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Bakery work means getting up way before the birds

Lake Country Bakery owner Dan Grandbois laughs as he takes bread from the bakery's oven in the early hours of the morning. He and his wife, Kim, have owned and operated the bakery for 19 years, getting to work at around 12:30 a.m. every morning. DL NEWSPAPERS/Brian Basham1 / 3
Kim Grandbois, owner of Lake Country Bakery, glazes fresh doughnut holes every morning. Kim mostly makes and decorates doughnuts while husband, Dan, makes the bread and rolls. DL NEWSPAPERS/Brian Basham2 / 3
Lake Country Bakery owner Dan Grandbois pours the ingrediants for a batch of bread dough into his mixer at the bakery early one morning. He makes about a dozen loaves of white bread every day for the Detroit Lakes bakery. DL NEWSPAPERS/Brian Basham3 / 3

On a frigid  early morning in January, thick steam can be seen rising from the Lake Country Bakery building on Washington Avenue. The vapor wafts sweet aromas to your nose — doughnuts, bread, cookies — if you venture out that early.

As most of Detroit Lakes sleeps, Dan and Kim Grandbois rise to make delicious baked goods for their business of 19 years. They report to work at 1 a.m. during the winter, 12:30 a.m. in the summer. Their shift ends sometime in the late morning or early afternoon, depending how busy the bakery is.

“Pretty much the same thing every day. You gotta come early in the morning,” Dan said. “Actually, I like what I do.”

If there is a job Dan doesn’t like doing, it’s over with quickly and he’s on to something else, he said.

“I’ve got a large variety of stuff to do every day,” he said.

The couple agreed, though, that the one thing they’d like is regular daytime hours instead of working overnight.

But the schedule is what it is and their routine has become normal to them.

“A lot of people think ‘cause you get off at noon, you go out and goof off. But we’ve got a pretty well set schedule,” Dan said. “We go to bed at 1 in the afternoon and sleep til 5. Then we get up and go back to bed at 9 and sleep til 12. It’s not all go out and play around.”Since they make all of the items for the bakery every day themselves, vacations had been out of the question until a few years ago. Now, they take a vacation in the spring and shut the bakery down for a couple weeks. The downfall — having to make lots of extras for the businesses that depend on their bread and buns before they leave for vacation.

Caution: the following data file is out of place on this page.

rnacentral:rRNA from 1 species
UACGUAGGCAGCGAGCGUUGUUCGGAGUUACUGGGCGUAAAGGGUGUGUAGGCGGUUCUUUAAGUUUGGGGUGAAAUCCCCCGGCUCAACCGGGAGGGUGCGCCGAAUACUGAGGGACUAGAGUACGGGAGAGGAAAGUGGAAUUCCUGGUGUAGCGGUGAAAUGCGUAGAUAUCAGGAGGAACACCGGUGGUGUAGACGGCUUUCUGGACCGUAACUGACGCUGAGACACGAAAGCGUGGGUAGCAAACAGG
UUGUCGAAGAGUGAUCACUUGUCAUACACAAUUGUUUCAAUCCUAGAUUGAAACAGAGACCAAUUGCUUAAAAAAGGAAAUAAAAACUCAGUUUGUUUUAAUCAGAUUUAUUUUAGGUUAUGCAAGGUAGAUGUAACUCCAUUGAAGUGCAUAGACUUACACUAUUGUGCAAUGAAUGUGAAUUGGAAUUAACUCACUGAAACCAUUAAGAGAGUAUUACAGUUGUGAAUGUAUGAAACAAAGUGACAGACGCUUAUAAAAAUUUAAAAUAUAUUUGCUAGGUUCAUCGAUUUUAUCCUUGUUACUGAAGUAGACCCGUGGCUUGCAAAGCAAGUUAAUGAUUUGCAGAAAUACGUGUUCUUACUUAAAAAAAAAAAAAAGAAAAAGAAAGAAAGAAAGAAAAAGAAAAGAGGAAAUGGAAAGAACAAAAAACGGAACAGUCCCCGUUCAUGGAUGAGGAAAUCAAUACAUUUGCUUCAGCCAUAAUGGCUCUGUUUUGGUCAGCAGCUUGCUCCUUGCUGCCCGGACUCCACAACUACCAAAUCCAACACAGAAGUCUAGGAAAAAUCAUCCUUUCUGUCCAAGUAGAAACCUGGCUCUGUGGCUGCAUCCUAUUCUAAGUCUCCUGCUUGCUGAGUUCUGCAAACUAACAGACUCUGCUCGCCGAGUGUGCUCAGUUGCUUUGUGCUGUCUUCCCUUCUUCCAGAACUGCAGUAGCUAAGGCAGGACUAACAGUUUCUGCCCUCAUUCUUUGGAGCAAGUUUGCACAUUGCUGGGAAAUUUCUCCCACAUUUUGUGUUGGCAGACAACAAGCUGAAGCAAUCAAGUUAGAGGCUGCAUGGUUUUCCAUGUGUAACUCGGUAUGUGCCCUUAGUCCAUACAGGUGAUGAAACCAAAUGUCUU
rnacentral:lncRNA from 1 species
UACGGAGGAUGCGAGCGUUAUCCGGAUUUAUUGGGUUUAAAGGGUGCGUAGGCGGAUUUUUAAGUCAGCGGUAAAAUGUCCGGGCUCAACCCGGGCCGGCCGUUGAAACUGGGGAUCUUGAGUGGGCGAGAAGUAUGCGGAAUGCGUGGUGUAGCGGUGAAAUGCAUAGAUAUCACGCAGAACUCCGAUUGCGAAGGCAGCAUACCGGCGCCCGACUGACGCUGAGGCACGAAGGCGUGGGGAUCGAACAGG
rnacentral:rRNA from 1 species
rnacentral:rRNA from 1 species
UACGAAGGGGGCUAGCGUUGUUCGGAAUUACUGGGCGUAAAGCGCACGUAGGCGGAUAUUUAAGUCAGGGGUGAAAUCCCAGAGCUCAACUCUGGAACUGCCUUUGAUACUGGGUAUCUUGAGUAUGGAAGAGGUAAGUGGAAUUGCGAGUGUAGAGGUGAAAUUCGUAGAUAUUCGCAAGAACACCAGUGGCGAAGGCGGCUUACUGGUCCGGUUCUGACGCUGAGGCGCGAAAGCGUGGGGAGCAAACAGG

“There are no sick days,” Kim said. “You just come in and fight through it.”

The division of labor between the married couple is apparent when you walk into the kitchen. Dan makes the bread, rolls and buns, while Kim fries and finishes the daily doughnuts and packs the day’s orders to be delivered.

“I wouldn’t want to make the bread or the buns,” Kim said. “The one time I did make sugar cookies, it was a disaster.”

Summer is the busy time at the bakery. Dan makes about 100 dozen buns during a typical summer day and about 60 dozen in the winter.

“That’s my big business in the summer — buns,” he said. “I do buns for Bleachers, Lakeside, Shorewood Pub, Curley’s, all over the place.”

Kim and Dan would much rather be fishing during the nice summer months, but the business requires them to be at the bakery sometimes for 12 hours or more. And that gets tedious, Dan said.

“In the summer, we’re working 12 hours a day six days a week. You do that for a month, you’re pretty tired. And if you start goofing off and taking extra time, you’re really going to be in trouble.”

Dan started in the bakery business when he was 16 years old, working as a dishwasher in a grocery store in Rochester. The owner would let him eat items from the bakery, a luxury he didn’t get at home with six siblings.

“My mom, when I got home from work for the first month, she didn’t have to cook me supper at all. I’d just gorge,” he said.

He opened his own bakery in Plainview, Minn., and ran that for eight years before being bought out by a grocery store. He then managed that store’s new bakery for four years.

But his career choice wasn’t exactly always what he wanted to do, it was just something he fell into.

In high school, Dan joined a school-to-work program, where he’d learn a trade while on the job during school hours. The school wouldn’t let him work for his father, who managed several apartments.

“By the school was a store that had an opening for a dishwasher in the bakery. So I took that job so it would coincide with my school hours and I just worked from that up to where I am now,” he said. “In March, it’ll be 40 years.”

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